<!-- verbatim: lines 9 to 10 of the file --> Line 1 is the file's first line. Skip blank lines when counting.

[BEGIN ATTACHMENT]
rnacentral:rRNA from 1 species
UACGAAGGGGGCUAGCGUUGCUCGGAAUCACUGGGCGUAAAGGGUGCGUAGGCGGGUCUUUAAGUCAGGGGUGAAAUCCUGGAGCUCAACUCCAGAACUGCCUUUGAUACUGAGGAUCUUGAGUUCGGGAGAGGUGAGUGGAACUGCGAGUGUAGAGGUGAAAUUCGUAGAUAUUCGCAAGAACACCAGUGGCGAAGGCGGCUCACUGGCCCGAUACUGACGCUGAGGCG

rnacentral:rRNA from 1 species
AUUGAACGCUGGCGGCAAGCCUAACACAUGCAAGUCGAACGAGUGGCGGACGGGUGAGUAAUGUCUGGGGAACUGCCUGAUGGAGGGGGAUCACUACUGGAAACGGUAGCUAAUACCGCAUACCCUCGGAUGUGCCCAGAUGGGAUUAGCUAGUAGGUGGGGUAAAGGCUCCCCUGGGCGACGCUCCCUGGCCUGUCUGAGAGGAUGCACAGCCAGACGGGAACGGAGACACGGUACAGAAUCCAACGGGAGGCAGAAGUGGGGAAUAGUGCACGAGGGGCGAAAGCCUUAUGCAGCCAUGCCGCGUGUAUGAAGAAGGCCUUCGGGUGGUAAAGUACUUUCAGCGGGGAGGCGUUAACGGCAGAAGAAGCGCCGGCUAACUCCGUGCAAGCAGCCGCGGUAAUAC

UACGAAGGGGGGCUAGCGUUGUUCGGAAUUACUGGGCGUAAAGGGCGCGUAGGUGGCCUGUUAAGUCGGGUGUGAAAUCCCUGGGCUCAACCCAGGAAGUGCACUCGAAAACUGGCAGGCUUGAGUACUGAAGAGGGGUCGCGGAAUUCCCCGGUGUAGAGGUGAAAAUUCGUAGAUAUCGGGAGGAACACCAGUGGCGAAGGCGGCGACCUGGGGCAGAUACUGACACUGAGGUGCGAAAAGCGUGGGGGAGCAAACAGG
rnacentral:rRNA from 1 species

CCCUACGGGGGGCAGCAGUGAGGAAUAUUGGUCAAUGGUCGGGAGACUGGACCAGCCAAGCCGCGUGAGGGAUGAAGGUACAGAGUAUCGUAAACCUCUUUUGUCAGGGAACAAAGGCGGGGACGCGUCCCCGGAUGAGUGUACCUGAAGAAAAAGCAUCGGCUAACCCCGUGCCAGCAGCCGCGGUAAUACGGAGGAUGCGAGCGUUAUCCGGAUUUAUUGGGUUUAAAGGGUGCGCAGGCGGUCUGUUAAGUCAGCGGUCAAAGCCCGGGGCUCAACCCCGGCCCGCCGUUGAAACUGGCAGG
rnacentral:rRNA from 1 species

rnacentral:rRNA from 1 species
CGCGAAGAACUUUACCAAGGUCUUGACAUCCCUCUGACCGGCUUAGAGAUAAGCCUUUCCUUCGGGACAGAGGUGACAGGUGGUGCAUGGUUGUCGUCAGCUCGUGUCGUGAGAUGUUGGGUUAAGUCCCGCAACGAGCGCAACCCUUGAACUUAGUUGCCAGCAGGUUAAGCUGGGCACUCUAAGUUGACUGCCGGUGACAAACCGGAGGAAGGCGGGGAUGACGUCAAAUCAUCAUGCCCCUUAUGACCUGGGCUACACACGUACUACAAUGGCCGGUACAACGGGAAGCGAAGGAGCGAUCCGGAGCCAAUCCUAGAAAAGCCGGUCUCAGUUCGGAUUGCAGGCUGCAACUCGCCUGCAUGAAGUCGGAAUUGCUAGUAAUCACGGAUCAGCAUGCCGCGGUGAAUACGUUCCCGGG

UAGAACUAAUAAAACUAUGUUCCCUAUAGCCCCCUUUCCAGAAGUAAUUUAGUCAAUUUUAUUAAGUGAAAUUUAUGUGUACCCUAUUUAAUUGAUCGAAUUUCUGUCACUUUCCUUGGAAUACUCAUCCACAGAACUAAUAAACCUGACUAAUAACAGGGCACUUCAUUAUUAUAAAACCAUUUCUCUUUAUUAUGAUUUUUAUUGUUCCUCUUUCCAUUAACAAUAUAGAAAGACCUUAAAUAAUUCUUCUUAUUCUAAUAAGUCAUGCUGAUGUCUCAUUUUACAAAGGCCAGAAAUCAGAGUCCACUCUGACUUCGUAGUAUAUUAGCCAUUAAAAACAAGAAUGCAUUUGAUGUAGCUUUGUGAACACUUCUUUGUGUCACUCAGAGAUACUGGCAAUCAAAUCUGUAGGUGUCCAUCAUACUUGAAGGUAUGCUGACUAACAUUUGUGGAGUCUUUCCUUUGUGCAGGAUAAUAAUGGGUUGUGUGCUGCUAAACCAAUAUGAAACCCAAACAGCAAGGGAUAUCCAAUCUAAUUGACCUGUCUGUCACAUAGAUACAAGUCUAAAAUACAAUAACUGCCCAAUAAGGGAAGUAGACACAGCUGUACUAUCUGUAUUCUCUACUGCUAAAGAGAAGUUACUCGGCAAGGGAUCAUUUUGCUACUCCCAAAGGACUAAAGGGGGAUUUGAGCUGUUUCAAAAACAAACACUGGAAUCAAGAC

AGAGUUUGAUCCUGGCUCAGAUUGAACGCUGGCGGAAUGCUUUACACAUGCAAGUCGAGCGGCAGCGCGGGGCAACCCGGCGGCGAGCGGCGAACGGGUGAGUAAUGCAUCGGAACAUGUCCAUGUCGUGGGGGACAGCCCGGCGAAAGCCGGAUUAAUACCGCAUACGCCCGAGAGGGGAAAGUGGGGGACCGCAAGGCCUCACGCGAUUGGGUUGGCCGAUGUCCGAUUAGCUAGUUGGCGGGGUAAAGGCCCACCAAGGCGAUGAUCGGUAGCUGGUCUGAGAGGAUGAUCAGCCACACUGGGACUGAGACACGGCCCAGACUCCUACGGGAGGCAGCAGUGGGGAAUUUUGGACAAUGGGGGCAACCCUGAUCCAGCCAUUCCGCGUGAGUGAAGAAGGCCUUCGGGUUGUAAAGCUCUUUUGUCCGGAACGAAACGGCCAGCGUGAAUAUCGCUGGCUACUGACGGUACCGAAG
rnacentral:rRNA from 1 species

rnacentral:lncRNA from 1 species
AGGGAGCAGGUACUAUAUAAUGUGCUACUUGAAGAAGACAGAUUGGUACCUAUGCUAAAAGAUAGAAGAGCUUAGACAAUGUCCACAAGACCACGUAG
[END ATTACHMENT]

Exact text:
rnacentral:rRNA from 1 species
CGCGAAGAACUUUACCAAGGUCUUGACAUCCCUCUGACCGGCUUAGAGAUAAGCCUUUCCUUCGGGACAGAGGUGACAGGUGGUGCAUGGUUGUCGUCAGCUCGUGUCGUGAGAUGUUGGGUUAAGUCCCGCAACGAGCGCAACCCUUGAACUUAGUUGCCAGCAGGUUAAGCUGGGCACUCUAAGUUGACUGCCGGUGACAAACCGGAGGAAGGCGGGGAUGACGUCAAAUCAUCAUGCCCCUUAUGACCUGGGCUACACACGUACUACAAUGGCCGGUACAACGGGAAGCGAAGGAGCGAUCCGGAGCCAAUCCUAGAAAAGCCGGUCUCAGUUCGGAUUGCAGGCUGCAACUCGCCUGCAUGAAGUCGGAAUUGCUAGUAAUCACGGAUCAGCAUGCCGCGGUGAAUACGUUCCCGGG